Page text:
Friday, May 6, 2011
FFB: Joanna Russ: THE FEMALE MAN (Bantam, 1975)
Some week in the near future I'll probably do Russ's The Adventures of Alyx, the omnibus of her feminist time-traveling/sword & sorcery Alyx stories including the novel Picnic on Paradise, or one or more of her other collections of short fiction, since I've already made at least fleeting note of her collections of nonfiction. I think it was Robin Reid who noted that Russ richly deserves her own volume, or set, in the Library of America (and Modern Library...and Viking Portable series...the influence of some of her essays alone might warrant that...) But for today, I'll take on my favorite of her novels, and perhaps hers as well, the 1975 monument that took several years to find an editor willing to publish it, till Frederik Pohl at Bantam saw it and realized its potential (among the other novels he put through at Bantam, only Samuel Delany's Dhalgren sold better in its Bantam run [profiting in part from the publicity about the leeway Delany was given to revise between printings], and unlike that novel the Russ has been in print essentially continuously since).
The Female Man is both a relentlessly satirical and very personal novel for Russ; she doesn't spare herself nor those whom she might agree with in most or nearly every way from critique, nor is it unduly mocking of those she'd find less agreeable. It's the mostly but not entirely linear story of "Joanna Russ" (an avatar of herself, but still, as she was always careful to point out, a fictional construct) encountering in essentially the world of the US in the early/mid 1970s two variations on herself, who were products of rather different societies: Janet, from the all-women society of Whileaway, 800 years after males have been eradicated by a plague, and Jeannine, a typically repressed early 1960s woman from an Earth where the Great Depression never ended, World War II never happened and so the wartime upheavals that helped re-spark the Western feminist movement never occurred. After various adventures in each other's realities, the trio meets Jael, a warrior (possibly) in a time between Joanna's and Janet's, where there is a literal, "hot" war between women and men; Jael seems somehow to have been the catalyst for all four to meet, though the other three find her circumstances in most ways the most disturbing of any of their lives (Jeannine's vying for that sad prize; unsurprisingly, she is least unsympathetic to Jael).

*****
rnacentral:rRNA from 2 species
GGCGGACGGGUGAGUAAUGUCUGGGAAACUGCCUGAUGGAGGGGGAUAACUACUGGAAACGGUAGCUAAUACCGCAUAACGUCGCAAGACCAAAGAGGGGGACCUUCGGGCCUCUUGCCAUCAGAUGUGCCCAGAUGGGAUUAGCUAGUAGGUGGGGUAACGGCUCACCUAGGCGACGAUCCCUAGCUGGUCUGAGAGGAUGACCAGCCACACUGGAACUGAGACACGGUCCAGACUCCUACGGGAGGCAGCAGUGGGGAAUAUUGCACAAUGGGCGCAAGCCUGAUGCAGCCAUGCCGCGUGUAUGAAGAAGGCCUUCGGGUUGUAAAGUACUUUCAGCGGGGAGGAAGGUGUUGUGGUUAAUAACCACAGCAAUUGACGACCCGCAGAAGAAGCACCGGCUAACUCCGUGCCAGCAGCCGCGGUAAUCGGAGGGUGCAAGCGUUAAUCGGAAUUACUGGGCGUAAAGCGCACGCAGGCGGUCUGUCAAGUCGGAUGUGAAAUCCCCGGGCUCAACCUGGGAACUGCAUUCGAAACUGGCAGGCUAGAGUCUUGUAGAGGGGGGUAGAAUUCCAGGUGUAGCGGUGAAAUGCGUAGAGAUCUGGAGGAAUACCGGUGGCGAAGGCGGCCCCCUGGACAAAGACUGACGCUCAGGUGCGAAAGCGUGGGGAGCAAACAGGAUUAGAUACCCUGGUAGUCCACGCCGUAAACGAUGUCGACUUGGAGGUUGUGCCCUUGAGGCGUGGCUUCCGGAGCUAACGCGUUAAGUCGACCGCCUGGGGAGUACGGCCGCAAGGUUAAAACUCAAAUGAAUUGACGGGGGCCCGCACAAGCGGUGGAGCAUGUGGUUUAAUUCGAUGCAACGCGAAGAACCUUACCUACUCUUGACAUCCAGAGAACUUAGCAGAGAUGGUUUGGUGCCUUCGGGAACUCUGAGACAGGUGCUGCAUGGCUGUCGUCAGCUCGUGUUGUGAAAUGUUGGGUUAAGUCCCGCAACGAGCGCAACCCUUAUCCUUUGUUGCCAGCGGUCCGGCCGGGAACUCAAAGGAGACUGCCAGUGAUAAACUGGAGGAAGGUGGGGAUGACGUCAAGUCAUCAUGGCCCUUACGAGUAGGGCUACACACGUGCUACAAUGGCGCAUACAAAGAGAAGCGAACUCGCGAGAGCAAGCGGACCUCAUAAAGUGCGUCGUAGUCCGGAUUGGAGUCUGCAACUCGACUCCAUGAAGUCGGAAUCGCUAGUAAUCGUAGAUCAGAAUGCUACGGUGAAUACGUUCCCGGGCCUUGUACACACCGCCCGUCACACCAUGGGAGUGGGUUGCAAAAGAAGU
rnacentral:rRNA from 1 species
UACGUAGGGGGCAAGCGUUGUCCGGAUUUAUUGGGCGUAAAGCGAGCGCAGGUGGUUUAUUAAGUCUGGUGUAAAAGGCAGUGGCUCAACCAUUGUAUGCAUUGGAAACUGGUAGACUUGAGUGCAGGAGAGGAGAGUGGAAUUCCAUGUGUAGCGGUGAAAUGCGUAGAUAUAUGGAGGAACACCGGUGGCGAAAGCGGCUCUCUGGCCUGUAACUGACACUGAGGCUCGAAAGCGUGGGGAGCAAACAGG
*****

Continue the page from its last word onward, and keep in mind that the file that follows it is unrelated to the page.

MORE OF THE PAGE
"Whileaway" and Janet had appeared earlier in the famous short story "When It Changed," but the society is more thoroughly worked out in the novel; Janet's job, before being sent on this odyssey through the realities, was essentially that of a cop...one of her primary duties is to find those women who choose to withdraw from Whileawayan society, and if those women refuse to rejoin, to kill them. Thus, the often-suggested notion that Russ is putting forward Whileaway as an unalloyed utopia is utterly nonsensical, particularly as artists (and perhaps most often writers) need to withdraw from time to time, for perspective if nothing else. Janet also finds herself in a taboo relationship with a teenaged girl in Joanna's reality, taboo largely for its lesbian nature "here" and for the cross-generational nature even moreso on Whileaway than it is the Joanna reality...this would be a thread Russ would examine closely again, in contemporary mimetic terms, in On Strike Against God. Russ is clearly fleshing out the many roles we are all cast in, and particularly an intelligent feminist of her time would find herself in, as persevering and not complete victim, pragmatic challenger and emotional wayfinder, warrior unwilling to take anything for granted including the nobility of any warring cause, and observer and synthesizer. The wit and grace with which the threads of the novel are woven together is joy to behold...Russ's clarity and passion and uncertainty in some matters are all laid out magnificently, and there are many threads to pluck...and because of that clarity, the novel is no more difficult to follow, really, than those of Kurt Vonnegut (without as much distancing) or Margaret Atwood or, for that matter, the ones Frederik Pohl was encouraged to write by the example of the Russ and others around him, most notably Gateway.
A brilliant novel, and available in a number of editions, any worth having, even if none of the covers have been nearly up to the quality of the prose...frequently the case in anything marketed as sf, but particularly true in this case, most suffering from one sort of amateurism or another, or puzzlement as to how to market the work. Happily, it has found a continuing audience, just not one as large as it deserves.
For more of today's "forgotten" books, please see meme-sponsor Patti Abbott's blog and please do see my memorial post for Joanna Russ, who died last Friday, after a long life of much excellent work achieved at great cost against a sea of maladies, some more vicious than even the sexism and other chauvinism she challenged so well. (And this timely post.)
The Bantam editions.
A British edition.
The Women's Press edition (UK).
The particularly amateurish Beacon Press (US) cover, even given a good stance for, presumably, Janet.
The more recent Women's Press (UK) edition.
The in-print UK edition from Gollancz.
The current Beacon "Bluestreak"-division (US) edition
At least none of the Anglophone editions is presented as badly as the German.
And a Quality Paperback Club omnibus including the novel...which isn't a utopia in any real way, even to its author, nor intended to be, I strongly suspect.